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Exercise capacity in children after total cavopulmonary connection: Lateral tunnel versus extracardiac conduit technique

Authors
Publisher
Elsevier Inc.
Volume
148
Issue
4
Identifiers
DOI: 10.1016/j.jtcvs.2013.12.046
Disciplines
  • Medicine

Abstract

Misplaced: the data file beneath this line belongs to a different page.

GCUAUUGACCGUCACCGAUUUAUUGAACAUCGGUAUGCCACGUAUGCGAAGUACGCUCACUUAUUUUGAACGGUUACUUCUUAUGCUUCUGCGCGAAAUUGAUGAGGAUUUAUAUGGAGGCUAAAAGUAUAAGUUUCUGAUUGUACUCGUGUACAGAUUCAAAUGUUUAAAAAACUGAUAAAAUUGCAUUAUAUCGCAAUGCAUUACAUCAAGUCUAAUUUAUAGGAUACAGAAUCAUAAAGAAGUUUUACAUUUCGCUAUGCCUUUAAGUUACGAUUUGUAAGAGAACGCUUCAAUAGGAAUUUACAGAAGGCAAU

Objectives In patients with univentricular heart disease, the total cavopulmonary connection (TCPC) is the preferred treatment. TCPC can be performed using the intra-atrial lateral tunnel (ILT) or extracardiac conduit (ECC) technique. The purpose of the present study was to evaluate exercise capacity in contemporary TCPC patients and compare the results between the 2 techniques. Methods A total of 101 TCPC patients (ILT, n = 42; ECC, n = 59; age, 12.2 ± 2.6 years; age at TCPC completion, 3.2 ± 1.1 years) underwent cardiopulmonary exercise testing. The patients were recruited prospectively from 5 tertiary referral centers. Results For the entire group, the mean peak oxygen uptake was 74% ± 14%, peak heart rate was 90% ± 8%, peak workload was 62% ± 13%, and slope of ventilation versus carbon dioxide elimination (VE/VCO2 slope) was 127% ± 30% of the predicted value. For the ILT and ECC groups, patient age, age at TCPC completion, body surface area, peak workload, and peak heart rate were comparable. The percentage of predicted peak oxygen uptake was lower in the ILT group (70% ± 12% vs 77% ± 15%; P = .040), and the percentage of predicted VE/VCO2 slope was greater in the ILT group (123% ± 36% vs 108% ± 14%; P = .015). In a subgroup analysis that excluded ILT patients with baffle leak, these differences were not statistically significant. Conclusions Common exercise parameters were impaired in contemporary Fontan patients. Chronotropic incompetence was uncommon. The peak oxygen uptake and VE/VCO2 slope were less favorable in ILT patients, likely related to baffle leaks in some ILT patients. These results have shown that a reduced exercise capacity in Fontan patients remains an important issue in contemporary cohorts. The ECC had a more favorable exercise outcome at medium-term follow-up.

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